Having successfully got a lot of my antsiness out of my system last week, I have found myself since embracing the space left in my days by not currently having any writing or editing to work on. I still have milling around in the back of my brain the intention to write some short stories, but before I do I am going to enjoy gathering some inspiration.
I’d forgotten, actually, how pleasant this phase in the whole writing cycle can be.
Instead of focusing inwards on the worlds laying down roots inside my head it is a time to reach out, into the ‘real’ world and the imaginations of others, and build up my bank of ideas. It is a time to listen, and to breathe; to watch, and to consider. It is a time to learn, consciously and hungrily.
Autumn feels a particularly apt time to be doing this. It is as if I am gathering food for the winter ahead, squirrelling away supplies in my den whilst the ground is still soft enough to break through. I am looking forward, too, to the moment when I can light the fire and curl up in the darkness to nourish my creativity with the embers of my explorations, but I have no fixed intentions yet.
Lots of this preparation has involved reading. I’ve read two whole novels this week – more than I’ve managed in the past couple of months, embarrassingly!
The first is one I’ve been eagerly anticipating for months, Baby X by Rebecca Ann Smith. It didn’t disappoint: I loved the dystopian premise that was woven through it, found the characters flawed to just the right degree and relished the startlingly accurate depictions of motherhood (even if the context itself was highly unconventional!) It is inspiring on so many levels to read a novel written by one of my blogging friends and to love it as much as I did, and it has made me curious to read more from Mother’s Milk Books, the independent publishers who put it out into the world.
The second novel was one I picked up at the airport in Boston in January and had never found the time to read. How to Start a Fire tells the story of three friends as they grow from college students into middle aged women, weaving a complex web of misdemeanours and mistakes along the way. I think I was initially drawn to it because of the promise of strong female characters: they were brilliantly drawn, and the fractured narrative was compelling. I appreciated too the sensitive exploration of mental health issues, something which I am discovering is a recurrent theme in my own writing.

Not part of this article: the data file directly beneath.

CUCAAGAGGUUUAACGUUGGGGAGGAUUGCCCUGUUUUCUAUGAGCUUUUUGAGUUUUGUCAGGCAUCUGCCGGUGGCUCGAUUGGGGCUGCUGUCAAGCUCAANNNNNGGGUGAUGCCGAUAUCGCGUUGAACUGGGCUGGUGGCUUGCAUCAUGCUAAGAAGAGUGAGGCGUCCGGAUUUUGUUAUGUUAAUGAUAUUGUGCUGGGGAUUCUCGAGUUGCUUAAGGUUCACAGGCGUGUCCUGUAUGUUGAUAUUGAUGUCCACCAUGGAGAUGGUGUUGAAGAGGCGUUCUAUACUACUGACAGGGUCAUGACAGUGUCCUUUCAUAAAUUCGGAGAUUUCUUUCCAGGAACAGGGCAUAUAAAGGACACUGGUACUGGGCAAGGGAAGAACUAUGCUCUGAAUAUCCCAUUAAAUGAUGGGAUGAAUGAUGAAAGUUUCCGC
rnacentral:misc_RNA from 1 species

There is also a non-fiction book that I’ve been dipping into, A Field Guide to Getting Lost, which through its particular philosophies is giving me a new lens through which to look at life and the ways we make it mean something.
Outside of books, I have found myself watching the world intently.
Generally I have been tuning into other peoples’ conversations far more than I probably should, guiltily seeking treasure like a magpie that I can take back and hide away in my nest.
I was moved almost to tears by a family I observed on a bus the other day, and found myself scribbling down their narrative – what I’d seen and what I imagined was behind it – at the earliest opportunity.
The experience reminded me of a blog post that has been ringing in my ears since I read it, a scathing analysis of modern Britain by the brilliant Cash Carraway. I have often found myself paralysed by anxiety in recent months fuelled by a complete disbelief at the mess our society seems to be descending into, but this post reminded me that I could use that anxiety, and the anger that inevitably follows.
I’m still not sure how yet, or in fact where any of this will take me. But for now I am savouring the time I have until, from the spoils of all my scavenging, inspiration strikes.